We developed two types of models to predict the binding preferences, represented as the responsiveness score, of the three CPs: WT-specific and whole-library. Here, we will describe in detail the models, the choice of hyper-parameters, their training on experimental data, and evaluation on a held-out test set. First, we will cover the features common to the two models. Then, we will provide details relevant to each of the two model types separately. The dataset contains Rscore of three proteins (MCP, PCP, and QCP) to ~17,000 sequences (PCP 17,177, MCP 17,213, QCP 16,041, and 12,245 in the intersection of the three). All sequences were either a variant of a known WT binding site of one of the three proteins or a non-similar sequence that was used as control (PCP 42, MCP 40, QCP 38). The edit distance of the derived sequences from their WT mostly span 4–8 mutations or indels (Fig. S1). The binding intensity score (Rscore), empirically spanned the range of −281 to 47. Each sequence has a positional feature, which defines its prefix and suffix, i.e., upstream and downstream flanking sequences, respectively. The prefix is either C or GC and the corresponding suffix is one out of three options: T, CT or no suffix. The choice of suffix is done in a way that guarantees no shift in the reading frame. To provide the sequence data as input to the computational framework we used, it first needs to be transformed to numerical values. Each sequence was encoded using a traditional one-hot encoding of the sequence. Each nucleotide is converted to a four-bit vector with one bit set in the position corresponding to that nucleotide and all other positions set to zero. This way an L-long sequence is transformed into a 4xL binary matrix. L is either the WT length in the WT-specific model or 50 in the whole-library model.

We partitioned the dataset randomly into a training set (80%) and a held-out test set (20%). Then, we performed a hyper-parameters search and model training on the training set. We evaluated the trained model on the held-out test set. We used two measurements to gauge model performance: Pearson correlation and area under the receiver operating curve (AUC). Pearson correlation measures the linear agreement between two vectors, and is a common measure to evaluate intensity prediction. AUC is a common measure to evaluate the classification of positive and negative data points. We defined positive (i.e., binding) sequences as those having a binding intensity greater than 3.5, and negatives as those having intensity smaller than 3.5. This threshold was computed as the averaged Rscore of non-zero positive control variants minus one standard deviation:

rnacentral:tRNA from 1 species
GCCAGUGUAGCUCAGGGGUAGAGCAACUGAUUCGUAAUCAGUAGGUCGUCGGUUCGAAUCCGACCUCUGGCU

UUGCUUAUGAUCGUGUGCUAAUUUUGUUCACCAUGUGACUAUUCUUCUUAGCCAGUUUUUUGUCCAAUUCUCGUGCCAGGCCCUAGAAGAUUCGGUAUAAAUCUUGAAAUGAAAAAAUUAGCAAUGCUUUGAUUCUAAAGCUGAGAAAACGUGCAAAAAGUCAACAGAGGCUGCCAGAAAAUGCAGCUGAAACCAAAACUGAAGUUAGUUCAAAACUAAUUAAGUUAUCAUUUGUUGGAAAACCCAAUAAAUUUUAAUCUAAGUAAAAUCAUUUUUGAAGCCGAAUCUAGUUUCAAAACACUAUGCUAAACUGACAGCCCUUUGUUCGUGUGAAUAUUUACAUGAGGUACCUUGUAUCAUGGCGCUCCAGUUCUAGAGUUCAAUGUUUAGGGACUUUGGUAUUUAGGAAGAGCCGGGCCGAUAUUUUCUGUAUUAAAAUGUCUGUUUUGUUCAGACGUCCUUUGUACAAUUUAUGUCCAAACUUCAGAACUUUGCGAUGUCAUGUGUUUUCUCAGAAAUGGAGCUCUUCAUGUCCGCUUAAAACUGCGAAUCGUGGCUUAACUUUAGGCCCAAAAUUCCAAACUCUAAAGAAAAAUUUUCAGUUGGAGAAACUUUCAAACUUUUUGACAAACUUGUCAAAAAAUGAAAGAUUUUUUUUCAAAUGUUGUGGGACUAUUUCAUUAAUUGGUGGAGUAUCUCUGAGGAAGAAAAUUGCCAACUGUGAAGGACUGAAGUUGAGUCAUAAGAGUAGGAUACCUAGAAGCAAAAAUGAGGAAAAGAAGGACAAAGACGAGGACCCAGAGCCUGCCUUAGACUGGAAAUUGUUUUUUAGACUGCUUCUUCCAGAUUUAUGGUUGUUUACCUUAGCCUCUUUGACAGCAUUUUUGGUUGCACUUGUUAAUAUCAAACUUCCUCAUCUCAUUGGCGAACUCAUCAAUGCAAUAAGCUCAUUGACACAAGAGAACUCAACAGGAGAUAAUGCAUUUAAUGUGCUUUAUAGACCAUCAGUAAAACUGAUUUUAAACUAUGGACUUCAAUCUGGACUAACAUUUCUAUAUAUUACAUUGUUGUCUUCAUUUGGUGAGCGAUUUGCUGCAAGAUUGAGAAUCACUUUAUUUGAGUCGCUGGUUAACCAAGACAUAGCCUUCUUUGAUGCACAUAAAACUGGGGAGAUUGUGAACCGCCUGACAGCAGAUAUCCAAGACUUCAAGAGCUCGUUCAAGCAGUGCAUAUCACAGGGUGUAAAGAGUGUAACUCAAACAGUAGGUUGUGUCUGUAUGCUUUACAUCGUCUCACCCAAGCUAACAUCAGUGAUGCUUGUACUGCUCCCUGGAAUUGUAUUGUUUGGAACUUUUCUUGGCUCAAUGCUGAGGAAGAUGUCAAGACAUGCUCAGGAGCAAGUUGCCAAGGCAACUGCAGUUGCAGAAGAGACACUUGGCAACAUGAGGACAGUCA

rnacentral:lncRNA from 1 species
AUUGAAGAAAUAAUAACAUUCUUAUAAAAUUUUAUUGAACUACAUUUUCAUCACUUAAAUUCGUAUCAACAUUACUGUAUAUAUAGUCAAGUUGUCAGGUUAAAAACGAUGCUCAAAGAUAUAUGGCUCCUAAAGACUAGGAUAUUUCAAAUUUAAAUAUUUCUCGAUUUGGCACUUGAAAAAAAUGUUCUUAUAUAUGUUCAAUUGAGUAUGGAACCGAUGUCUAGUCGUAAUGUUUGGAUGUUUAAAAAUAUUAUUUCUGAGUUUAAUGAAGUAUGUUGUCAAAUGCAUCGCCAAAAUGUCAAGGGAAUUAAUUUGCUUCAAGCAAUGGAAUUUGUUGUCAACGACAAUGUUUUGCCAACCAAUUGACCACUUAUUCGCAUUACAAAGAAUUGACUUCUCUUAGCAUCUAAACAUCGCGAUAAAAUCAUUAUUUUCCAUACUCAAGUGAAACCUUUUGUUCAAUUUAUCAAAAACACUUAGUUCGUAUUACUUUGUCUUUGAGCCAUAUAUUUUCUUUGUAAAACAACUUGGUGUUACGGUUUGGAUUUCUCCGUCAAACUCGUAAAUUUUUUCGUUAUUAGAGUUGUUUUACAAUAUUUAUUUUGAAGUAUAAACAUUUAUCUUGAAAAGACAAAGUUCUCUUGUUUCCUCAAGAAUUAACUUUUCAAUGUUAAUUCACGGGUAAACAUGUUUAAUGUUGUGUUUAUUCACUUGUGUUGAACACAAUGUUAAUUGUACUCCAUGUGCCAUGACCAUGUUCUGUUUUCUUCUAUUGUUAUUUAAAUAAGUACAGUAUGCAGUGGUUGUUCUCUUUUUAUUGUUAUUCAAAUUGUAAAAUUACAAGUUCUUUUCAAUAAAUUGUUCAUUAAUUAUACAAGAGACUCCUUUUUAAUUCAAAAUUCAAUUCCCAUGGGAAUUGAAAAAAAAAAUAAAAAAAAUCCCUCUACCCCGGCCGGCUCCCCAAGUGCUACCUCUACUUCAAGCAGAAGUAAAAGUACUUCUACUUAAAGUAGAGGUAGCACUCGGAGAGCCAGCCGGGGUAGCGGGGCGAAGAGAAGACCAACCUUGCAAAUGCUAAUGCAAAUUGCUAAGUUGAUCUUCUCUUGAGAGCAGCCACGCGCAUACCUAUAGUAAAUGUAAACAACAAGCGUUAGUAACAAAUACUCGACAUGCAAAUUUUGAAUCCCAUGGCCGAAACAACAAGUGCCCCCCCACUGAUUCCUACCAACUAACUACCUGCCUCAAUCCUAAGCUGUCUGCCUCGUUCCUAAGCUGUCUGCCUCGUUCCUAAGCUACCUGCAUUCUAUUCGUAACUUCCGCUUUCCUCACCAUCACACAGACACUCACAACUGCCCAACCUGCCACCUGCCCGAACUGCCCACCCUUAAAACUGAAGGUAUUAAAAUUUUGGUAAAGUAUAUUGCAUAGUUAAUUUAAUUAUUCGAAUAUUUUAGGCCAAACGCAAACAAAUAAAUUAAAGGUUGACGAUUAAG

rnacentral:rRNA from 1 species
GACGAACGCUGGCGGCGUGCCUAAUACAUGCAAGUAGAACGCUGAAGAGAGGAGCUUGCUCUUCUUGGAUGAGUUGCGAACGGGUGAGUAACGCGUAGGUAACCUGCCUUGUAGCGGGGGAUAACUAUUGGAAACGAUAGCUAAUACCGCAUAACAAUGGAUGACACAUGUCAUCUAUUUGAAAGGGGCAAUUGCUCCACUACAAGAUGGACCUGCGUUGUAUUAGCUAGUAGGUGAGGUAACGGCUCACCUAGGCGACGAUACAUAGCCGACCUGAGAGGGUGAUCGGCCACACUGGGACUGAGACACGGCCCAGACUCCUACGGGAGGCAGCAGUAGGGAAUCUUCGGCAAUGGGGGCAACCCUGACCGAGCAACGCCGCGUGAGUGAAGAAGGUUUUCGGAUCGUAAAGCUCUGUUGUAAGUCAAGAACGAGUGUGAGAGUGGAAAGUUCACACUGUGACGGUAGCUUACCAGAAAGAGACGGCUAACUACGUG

$${\mathrm{Pos.}}\,{\mathrm{control}}\,{\mathrm{thershold}} = \\ \frac{{\mathop {\sum }\nolimits_1^3 {\mathrm{mean}}\Big(R_{{\mathrm{score}}}\Big( {{\mathrm{pos}}_{{\mathrm{control}}},i} \Big)\Big) - \sigma \Big(R_{{\mathrm{score}}}\Big( {{\mathrm{pos}}_{{\mathrm{control}}},i} \Big)\Big)}}{3},i = {\mathrm{PCP}},{\mathrm{MCP}},{\mathrm{QCP}}$$
(21)

We followed the hyper-parameters search and model training procedures as described in the DeepBind study42. First, we selected the set of hyper-parameters using 3-fold cross-validation on the training set (80% of the data). We iterated over 25 randomly selected sets of hyper-parameters from the parameter space defined for each model type (Tables 1 and 2). For each random set we performed 3-fold cross-validation on the training set. From the 25 hyper-parameters sets, we selected the set achieving maximum average Pearson correlation between predicted and measured scores of the validation fold over the 3 folds. Then, the model was trained using the selected hyper-parameters set on the training set. The final reported model evaluation is performed on the remaining 20% of the data, which serve as a held-out set not used in either the hyper-parameters search or model training. This process of parameters selection was done for each protein and for each of the models separately. For the downstream analyses performed in this study, i.e., predictions on independent datasets and for structural analysis and cassette design, we used a model trained and with hyper-parameters selected by 3-fold CV on the entire dataset. These processes are summarized in Fig. S12.

#### WT-specific binding model

We first tackled the challenge of developing a model based on a WT and its variants of the same length. For this aim, we used a different subset of the data for each protein. The protein-specific subset contained only the sequences that have the same length as its WT binding site (MS2—19 nt, Qβ—20 nt, PP7—25 nt). Then, we split the subset again by the prefix of the sequence (C or GC). The rationale for the second split is the low correlation in binding intensities observed between δ = C and δ = GC positions (Fig. S4). This process is summarized in Fig. 3a.

Each WT-specific model is composed of 1–2 hidden layers with 10–40 nodes and one output layer with a single node (Fig. 3a). Each protein and its sub-library have different parameters that were chosen specifically for it. This optimization process was done as described above. The details of the parameters we examined are described in Table 1. In addition to the parameters in Table 1, which are unique to each WT-specific model, there are additional parameters that are common to all of them: learning rate 0.001 (default), batch size 8, optimizer ADAM, loss function MSE (mean squared error) and dropout probability of 0.2 for each hidden layer. The output layer consisted of one node with the identity activation function.